You will be able to achieve closure when you assume control of your circumstances. When you accept that the relationship is over, you’ll feel better about the situation and about yourself. As brutal as it sounds, this isn’t the first time a good friend has been dumped and won’t be the last. You deserve someone who will appreciate your kindness and sincerity, and whose personality and interests are in better balance with yours.

Focus on your work and maintaining a professional demeanor in the office. And try to forget about Anna’s relationship with Lisa: that will probably become history, too. It’s going to take some time but I promise, you will get over this trauma.

Let us know how it goes.

My best,



The company we keep: Do our BFFs define us?


Two more celebrity pairings this week reinforce the notion that people define us by the company we keep.

CNN quoted former President Bill Clinton saying that Hillary is a close friend of Republican presidential candidate Sen. John McCain.

"She and John McCain are very close," Clinton said in Spartanburg, SC. "They always laugh that if they wound up being the nominees of their party, it would be the most civilized election in American history, and they're afraid they'd put the voters to sleep because they like and respect each other."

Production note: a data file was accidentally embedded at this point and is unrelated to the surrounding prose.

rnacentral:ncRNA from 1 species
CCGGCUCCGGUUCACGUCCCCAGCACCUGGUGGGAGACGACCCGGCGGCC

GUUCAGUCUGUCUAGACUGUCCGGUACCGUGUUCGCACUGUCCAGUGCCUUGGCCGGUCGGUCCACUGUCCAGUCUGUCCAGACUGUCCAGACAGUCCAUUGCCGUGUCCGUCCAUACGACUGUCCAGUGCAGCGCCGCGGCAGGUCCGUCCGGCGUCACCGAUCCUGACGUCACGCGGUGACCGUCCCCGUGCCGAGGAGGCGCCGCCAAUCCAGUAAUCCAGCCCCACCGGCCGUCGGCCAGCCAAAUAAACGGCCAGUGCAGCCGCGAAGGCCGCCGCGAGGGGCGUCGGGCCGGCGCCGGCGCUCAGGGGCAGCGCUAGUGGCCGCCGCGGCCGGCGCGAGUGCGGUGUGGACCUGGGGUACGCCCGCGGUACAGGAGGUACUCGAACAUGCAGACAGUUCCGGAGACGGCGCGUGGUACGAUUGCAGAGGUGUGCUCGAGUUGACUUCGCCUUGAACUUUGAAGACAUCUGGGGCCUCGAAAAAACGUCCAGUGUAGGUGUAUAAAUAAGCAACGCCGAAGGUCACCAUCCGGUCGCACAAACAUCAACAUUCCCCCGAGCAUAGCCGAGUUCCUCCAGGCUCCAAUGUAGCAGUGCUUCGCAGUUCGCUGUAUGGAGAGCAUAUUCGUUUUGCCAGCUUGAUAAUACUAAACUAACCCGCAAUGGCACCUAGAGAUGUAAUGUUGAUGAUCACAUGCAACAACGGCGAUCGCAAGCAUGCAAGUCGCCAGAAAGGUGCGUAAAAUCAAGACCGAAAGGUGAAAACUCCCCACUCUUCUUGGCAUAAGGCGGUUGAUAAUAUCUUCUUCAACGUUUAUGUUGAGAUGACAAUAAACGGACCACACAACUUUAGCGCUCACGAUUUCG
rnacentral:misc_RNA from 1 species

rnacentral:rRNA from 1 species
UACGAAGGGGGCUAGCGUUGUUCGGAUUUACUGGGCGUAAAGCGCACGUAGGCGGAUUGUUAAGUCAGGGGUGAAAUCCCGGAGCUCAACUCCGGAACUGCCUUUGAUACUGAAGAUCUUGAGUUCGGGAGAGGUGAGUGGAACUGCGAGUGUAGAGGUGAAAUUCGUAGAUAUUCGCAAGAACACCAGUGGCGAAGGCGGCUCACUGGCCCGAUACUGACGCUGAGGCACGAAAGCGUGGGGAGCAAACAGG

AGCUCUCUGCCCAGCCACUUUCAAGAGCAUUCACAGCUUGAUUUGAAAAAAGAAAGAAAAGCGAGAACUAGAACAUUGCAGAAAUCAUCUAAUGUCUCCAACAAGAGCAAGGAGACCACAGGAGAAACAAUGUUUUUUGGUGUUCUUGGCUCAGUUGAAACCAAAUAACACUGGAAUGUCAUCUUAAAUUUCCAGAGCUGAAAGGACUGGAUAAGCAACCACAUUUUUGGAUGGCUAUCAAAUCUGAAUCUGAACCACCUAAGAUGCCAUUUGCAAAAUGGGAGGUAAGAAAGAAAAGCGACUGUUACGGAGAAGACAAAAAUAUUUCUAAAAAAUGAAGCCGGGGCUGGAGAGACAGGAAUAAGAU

What was Bill thinking? Does this unusual pairing suggest that Hillary is moving towards the middle of the political spectrum? That she is a conciliatory person? That she is capable of befriending and working closely with the boys? Honestly, could they really be BFFs?

Equally interesting is the TMZ TV buzz linking pregnant superstar J Lo (Jennifer Lopez) as a BFF with the Queens of the King of Queens, Leah Remini. Leah is a self-proclaimed scientologist, which caused immediate speculation that she might be recruiting J Lo as a convert.

Something to think about…


Staying Alive


What a wonderful milestone it is to reach a 95th birthday---but imagine the added pleasure of being able to share your cake with someone you’ve known for 90 years!

Edith Brook and Una Kilner were born two days apart in 1917, met on their first day of school at Longley Hall five years later, and have stayed connected ever since. Well, almost. There was a brief period when they lost touch with one another as they raised their respective families.